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Andrei Kirilenko is all-in on Nets' Russia connection

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Tatiana Kutrueva

At last week's reception for Russian businessmen (prospective sponsors) in Moscow, Andrei Kirilenko was everywhere. He mingled with the crowd, nattily dressed in a suit and tie; he was on the dias taking questions about the upcoming season and in promotional graphics shown on large screens scattered about the ONEXIM reception hall. He later showed up at an adidas store in Moscow where a new line of AK-47 t-shirts were unpacked. His wife, Masha, has dotted Instagram with pictures of her and their kids in black-and-white.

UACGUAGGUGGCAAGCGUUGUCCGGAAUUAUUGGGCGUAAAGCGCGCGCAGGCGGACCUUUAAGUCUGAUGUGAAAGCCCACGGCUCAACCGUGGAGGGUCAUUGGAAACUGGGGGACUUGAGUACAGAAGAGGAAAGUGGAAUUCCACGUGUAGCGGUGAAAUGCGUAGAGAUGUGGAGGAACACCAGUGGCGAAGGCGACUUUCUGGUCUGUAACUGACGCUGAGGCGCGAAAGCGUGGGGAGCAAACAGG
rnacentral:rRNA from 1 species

For a guy with only only a two-year deal --the second year a player option-- Kirilenko has been remarkably committed to the team's drive to sell the Nets on a global scale as well as in Brighton Beach in Brooklyn.  The Nets had thought a Russian owner would increase interest in the team and to a certain extent it did, but the team often heard the lament in Moscow and Brooklyn, "If only you had a Russian player."  Now they do and now just any player, but one of the best, if not the best, in Russian history.

As Irina Pavlova told the audience at last Thursday's event, where waiters were dressed in Nets gear, "We often talked with the leaders of NBA about how the team lacked a Russian player. And we're delighted that Andrei will now wear the black-and-white uniform. Many Russians are going to come to our games now. We were all waiting for you! ".